Received: April 25, 2010; Accepted: July 02, 2010; Published: August 05, 2010



INTRODUCTION

Cervical lymphadenopathy is a common finding in children, since it can be the result of a wide variety of diseases from local and systemic infections to malignancies (Leung and Robson, 2004). As lymph node enlargement may be a part of clinical presentation of malignant process, detection of lymphadenopathy and differentiating the inflammatory lymphadenopathies (lymphadenitis) from the malignant involvements is clinically of utmost importance (Niedzielska et al., 2007).

Although not satisfactory, clinical findings including size, tenderness and consistency of nodes are useful parameters in distinguishing between the malignant and benign lymphadenopathies (Jordan and Tyrrell, 2004; Peters and Edwards, 2000). Sonographic studies including gray-scale (GSUS), color Doppler (CDUS) and power Doppler (PDUS) are complementary methods in detection and prediction of nature of the cervical nodes (Chan et al., 2007). On gray-scale study, normal and reactive nodes are usually hypoechoic compared with the adjacent muscles and oval shaped (short to long axis of less than 0.5) (Chan et al., 2007; Esen, 2006). In addition, benign nodes usually have a prominent echogenic hilum with regular border (Chan et al., 2007; Esen, 2006; Ahuja and Ying, 2005). In contrast, malignant lymph nodes are larger, i.e. short axis of nodes is more than 9 mm, round shaped and usually hypoechoic (Chan et al., 2007; Ahuja and Ying, 2005). Moreover, the normal echo pattern of hilum may be disturbed and distorted in malignancies and hilar echo may be absent or slit like. Besides, the margin of the nodes can be irregular, nodular and echo-free in malignancies, particularly in metastatic nodes from squamous cell carcinoma (Esen, 2006). CDUS using semi-quantitative indices including Resistive Index (RI) and Pulsatility Index (PI) can determine any changes in resistance of the vessels throughout the body including the intranodal vessels (Ying and Ahuja, 2003; Ghabili et al., 2009). In PDUS, the vascular pattern of lymph nodes can be determined as avascular, hilar (single central artery with small and rare side branches), activated hilar and peripheral types (Ying et al., 2000).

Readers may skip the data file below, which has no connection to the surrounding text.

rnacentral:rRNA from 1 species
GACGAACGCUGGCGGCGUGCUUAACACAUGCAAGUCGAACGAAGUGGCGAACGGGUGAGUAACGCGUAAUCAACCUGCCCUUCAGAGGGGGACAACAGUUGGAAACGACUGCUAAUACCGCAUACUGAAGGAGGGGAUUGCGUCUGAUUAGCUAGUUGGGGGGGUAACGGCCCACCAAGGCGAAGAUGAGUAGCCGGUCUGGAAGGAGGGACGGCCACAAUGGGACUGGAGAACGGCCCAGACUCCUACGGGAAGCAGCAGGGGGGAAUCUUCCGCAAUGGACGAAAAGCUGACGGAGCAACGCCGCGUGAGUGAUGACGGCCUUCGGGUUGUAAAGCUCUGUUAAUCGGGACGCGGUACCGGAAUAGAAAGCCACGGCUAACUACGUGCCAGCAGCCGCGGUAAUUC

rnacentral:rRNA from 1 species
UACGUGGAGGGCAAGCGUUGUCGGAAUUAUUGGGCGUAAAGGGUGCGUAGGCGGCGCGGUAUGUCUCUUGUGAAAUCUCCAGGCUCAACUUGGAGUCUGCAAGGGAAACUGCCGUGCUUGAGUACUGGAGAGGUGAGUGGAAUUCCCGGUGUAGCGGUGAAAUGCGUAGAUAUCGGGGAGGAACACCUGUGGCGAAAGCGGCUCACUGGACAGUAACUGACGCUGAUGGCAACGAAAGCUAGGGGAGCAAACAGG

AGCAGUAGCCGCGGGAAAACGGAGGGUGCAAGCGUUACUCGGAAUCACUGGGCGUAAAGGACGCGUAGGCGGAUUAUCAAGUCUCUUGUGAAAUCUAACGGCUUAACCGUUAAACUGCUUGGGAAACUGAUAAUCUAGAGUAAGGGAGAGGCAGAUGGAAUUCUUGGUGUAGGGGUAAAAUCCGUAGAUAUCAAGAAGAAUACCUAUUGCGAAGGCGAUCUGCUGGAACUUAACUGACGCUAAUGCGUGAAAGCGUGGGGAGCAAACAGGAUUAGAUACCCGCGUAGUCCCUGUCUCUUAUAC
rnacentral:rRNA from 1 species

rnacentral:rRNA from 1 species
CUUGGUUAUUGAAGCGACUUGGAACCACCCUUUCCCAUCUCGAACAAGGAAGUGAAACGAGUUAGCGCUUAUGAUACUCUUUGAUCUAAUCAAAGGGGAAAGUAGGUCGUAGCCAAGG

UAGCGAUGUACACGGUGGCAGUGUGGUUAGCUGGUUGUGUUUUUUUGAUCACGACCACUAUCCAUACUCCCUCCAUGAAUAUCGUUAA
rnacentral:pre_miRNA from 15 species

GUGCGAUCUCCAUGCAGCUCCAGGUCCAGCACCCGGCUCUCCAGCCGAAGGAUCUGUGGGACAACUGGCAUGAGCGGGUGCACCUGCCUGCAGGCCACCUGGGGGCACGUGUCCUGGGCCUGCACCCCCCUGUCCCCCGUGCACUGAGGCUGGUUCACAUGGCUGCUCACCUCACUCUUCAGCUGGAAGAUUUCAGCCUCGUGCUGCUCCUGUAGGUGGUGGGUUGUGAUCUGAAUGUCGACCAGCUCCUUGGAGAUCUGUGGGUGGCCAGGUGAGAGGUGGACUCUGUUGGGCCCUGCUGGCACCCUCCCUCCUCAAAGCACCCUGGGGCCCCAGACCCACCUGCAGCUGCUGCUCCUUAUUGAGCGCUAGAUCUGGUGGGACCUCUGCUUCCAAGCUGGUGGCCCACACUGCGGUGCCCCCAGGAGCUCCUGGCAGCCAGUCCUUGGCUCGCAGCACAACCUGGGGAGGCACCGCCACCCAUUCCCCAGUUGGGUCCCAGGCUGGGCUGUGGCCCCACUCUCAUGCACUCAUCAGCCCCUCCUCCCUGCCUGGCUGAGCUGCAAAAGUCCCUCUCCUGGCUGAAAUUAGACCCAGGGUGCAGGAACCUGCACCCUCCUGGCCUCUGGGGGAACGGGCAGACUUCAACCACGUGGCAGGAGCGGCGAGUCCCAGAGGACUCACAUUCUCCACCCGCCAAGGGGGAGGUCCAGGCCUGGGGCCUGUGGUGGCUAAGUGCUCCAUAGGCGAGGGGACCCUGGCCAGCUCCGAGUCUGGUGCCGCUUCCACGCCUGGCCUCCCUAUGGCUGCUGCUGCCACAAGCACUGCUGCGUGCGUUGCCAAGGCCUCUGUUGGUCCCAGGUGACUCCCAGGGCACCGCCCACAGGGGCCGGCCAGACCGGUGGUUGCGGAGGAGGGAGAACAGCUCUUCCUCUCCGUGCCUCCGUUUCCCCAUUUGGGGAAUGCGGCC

Since the causes of lymphadenopathies in children are different from those in adults along with the technical differences between children and adults, we performed this study to determine the accuracy of GSUS, CDUS and PDUS in distinguishing the malignant cervical lymph node enlargements from the benign lymphadenopathies in pediatric age group.

MATERIALS AND METHODS